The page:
A key receptor has been examined for the first time at high resolution which could lead to better treatments for conditions such as type 2 diabetes.
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A new technique has been developed which has the potential to harness bacteria to produce billions of different drug candidates to treat diseases like cancer.
A study has identified a protein complex elevated in PTSD patients and developed a peptide to disrupt it, preventing the recall of fear memories in early tests and paving the way for new therapies.
Unlike synthetic compound libraries, natural product hits must be identified and characterised, as the molecule is often unknown. Venom peptides are often inherently stable due to cysteine knots whereas other peptides may not be. Steve and Carol Trim discuss the challenges of the hit-to-lead journey with these non-standard hits.
A group of scientists from India have used 3D imaging of the Nipah virus to discover potential inhibitors for the disease.
This issue includes a discussion on the future of high-throughput screening through collaboration, an analysis of mass spectrometry as a structural biology tool and an exploration of the challenges of hit-to-lead when researching tropical diseases. Also in the issue are articles on immuno-oncology and assays.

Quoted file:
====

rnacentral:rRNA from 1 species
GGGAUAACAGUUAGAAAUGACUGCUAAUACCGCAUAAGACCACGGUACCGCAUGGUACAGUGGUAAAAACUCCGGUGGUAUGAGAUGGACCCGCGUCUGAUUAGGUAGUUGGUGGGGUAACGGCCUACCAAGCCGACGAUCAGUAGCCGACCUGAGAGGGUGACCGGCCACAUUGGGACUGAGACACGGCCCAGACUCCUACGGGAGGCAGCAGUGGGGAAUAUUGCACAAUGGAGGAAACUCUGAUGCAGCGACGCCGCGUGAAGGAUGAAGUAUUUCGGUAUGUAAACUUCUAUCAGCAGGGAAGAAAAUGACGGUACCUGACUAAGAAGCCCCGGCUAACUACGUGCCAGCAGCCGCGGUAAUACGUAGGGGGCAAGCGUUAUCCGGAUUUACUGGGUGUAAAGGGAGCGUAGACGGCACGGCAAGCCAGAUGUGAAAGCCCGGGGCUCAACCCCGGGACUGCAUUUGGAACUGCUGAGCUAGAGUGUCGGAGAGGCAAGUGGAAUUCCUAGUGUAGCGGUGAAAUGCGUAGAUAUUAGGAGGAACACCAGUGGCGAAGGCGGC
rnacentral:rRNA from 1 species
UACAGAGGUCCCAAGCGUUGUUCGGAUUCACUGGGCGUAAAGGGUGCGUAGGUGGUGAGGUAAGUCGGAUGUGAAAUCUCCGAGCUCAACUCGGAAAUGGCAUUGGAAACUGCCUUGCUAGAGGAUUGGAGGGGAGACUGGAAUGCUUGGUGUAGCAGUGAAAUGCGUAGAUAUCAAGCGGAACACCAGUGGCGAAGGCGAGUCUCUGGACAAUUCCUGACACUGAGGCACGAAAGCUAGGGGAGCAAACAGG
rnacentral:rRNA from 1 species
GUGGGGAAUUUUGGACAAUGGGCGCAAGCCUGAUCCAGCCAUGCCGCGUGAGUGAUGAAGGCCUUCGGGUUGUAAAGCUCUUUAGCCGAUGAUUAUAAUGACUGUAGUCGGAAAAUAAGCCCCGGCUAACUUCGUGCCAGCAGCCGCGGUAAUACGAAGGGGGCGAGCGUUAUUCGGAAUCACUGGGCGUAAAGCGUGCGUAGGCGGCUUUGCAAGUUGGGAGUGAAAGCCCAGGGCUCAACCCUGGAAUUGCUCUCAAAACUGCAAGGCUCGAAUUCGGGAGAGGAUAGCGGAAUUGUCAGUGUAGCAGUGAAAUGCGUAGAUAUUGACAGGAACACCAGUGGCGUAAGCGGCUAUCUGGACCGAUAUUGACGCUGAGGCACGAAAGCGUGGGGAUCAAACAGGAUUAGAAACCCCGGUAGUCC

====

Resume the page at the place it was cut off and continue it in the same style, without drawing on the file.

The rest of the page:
Researchers have developed a novel peptide with a prolonged half-life that has demonstrated success in rhesus monkeys and mice for inhibiting HIV infections.
A novel peptide has been discovered that attacks gram negative bacteria at a previously unknown site of action which presents a promising lead substance for the development of a new antibiotic.
The memory of mice with Alzheimer's greatly improved after they were injected with two newly discovered short peptides.
Scientists have shown that there are molecules to remodel the gut microbiome and turn an unhealthful gut into a more healthful one for the first time.
Antimicrobial peptides were found to act against Gram-negative bacteria and certain fungi by working either together or by adding up their individual effects...
Venoms are continually being researched as potential chemicals for medicinal therapeutics to treat autoimmune diseases and diabetes...